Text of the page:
No matter where you look across the Pacific, high saturated fat intakes from coconut do not appear unhealthy or dangerous.2 No matter where you look across the Pacific, you see traditional diets that exceed the maximum 6% of calories form saturated fat ordained by the American Heart Association—and you see traditional populations eating those traditional diets avoid heart disease.
The traditional diet for male Masai is a low-carb, high-saturated fat one that consists mainly of meat, milk, and blood, and research shows that they remain lean, healthy, and free of heart disease despite this conventionally-atherogenic diet.3
The most famous of health “paradoxes,” the French paradox describes the fact that despite logging some of the highest intakes of saturated fat the French have some of the lowest rates of heart disease. And boy do people try to explain it away.
“In representative cross sectional surveys of the French population performed in 1986–87 and 1995–97, the saturated fat intake was 15% of the total energy intake in the first survey and 16% in the latter survey. This high consumption of saturated fatty acids is such that French subjects are exposed to a high risk of CHD. Why a high consumption of saturated fatty acids does not lead to a high CHD risk in France (and maybe elsewhere) is a central question behind the French paradox concept.”
Somehow the French “survive” their exposure to a “high risk of CHD” in the form of eating saturated fat. You see what they did? The “risk” is very real. It’s just that the French luck out and survive it.
It all started, of course, with the infamous Ancel Keys and his Seven Countries Study, which tracked the fat consumption and heart disease levels of various nations. It was named for the seven countries that saw an increase in heart disease cases correspond with increased fat consumption, but it should have been named the Twenty Two Countries Study for all the data he omitted. Data, I should mention, that demolished his hypothesis of fat intake causing heart disease. Those red dots in the bottom right are the populations that didn’t make the original study: Tokelau, Masai, and Inuit.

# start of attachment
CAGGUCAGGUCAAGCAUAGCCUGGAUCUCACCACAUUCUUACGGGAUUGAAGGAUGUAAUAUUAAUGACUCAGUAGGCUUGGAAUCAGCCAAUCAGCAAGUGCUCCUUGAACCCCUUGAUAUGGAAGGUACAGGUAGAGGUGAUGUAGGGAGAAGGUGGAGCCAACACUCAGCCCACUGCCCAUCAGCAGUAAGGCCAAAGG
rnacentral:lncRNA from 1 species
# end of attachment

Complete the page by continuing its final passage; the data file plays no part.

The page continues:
Try drawing a straight line through those data points. As you can see, there is a faint, weak correlation between fat intake and heart disease, but it’s just that: a correlation. It shouldn’t confirm anything except the need to run controlled experiments to directly measure the effects of dietary fat. Unfortunately, that correlation was enough to get Keys the front cover of Time and widespread acclaim as the father of dietary science. His hypothesis gained traction in the scientific community and mainstream CW, a position it has never really relinquished. Subsequent controlled experiments to measure the effects of saturated fat have been either inconclusive, poorly designed, or completely unsupportive of the saturated fat-is-evil hypothesis, but because the starting point assumes it to be true, those inconclusive or unsupportive results become aberrations while the poorly designed studies become canon.
Meanwhile, Keys’ peer, British scientist John Yudkin, was finding even more compelling connections between dietary sugar and heart disease, but his ideas gained no traction and garnered no significant follow up experimental studies.5 Keys got the cover of Time and heaps of public adulation; Yudkin was relegated to publishing now-out-of-print books, writing letters to scientific journals that were only ignored, and languishing in relative obscurity. If you want a deeper discussion of Yudkin, check out Taubes’ Good Calories, Bad Calories.
Are Foods that Contain Saturated Fat Bad For You?
Ultimately, we aren’t eating “saturated fat.” We don’t eat isolated palmitic acid or stearic acid. We eat food, and sometimes that food contains saturated fat along with vitamins, minerals, and many other fatty acids. That’s food.
If researchers are going to say saturated fat is dangerous, they must show that saturated fat-containing foods are dangerous to eat. Have they? Let’s look at research into some foods high in saturated fat.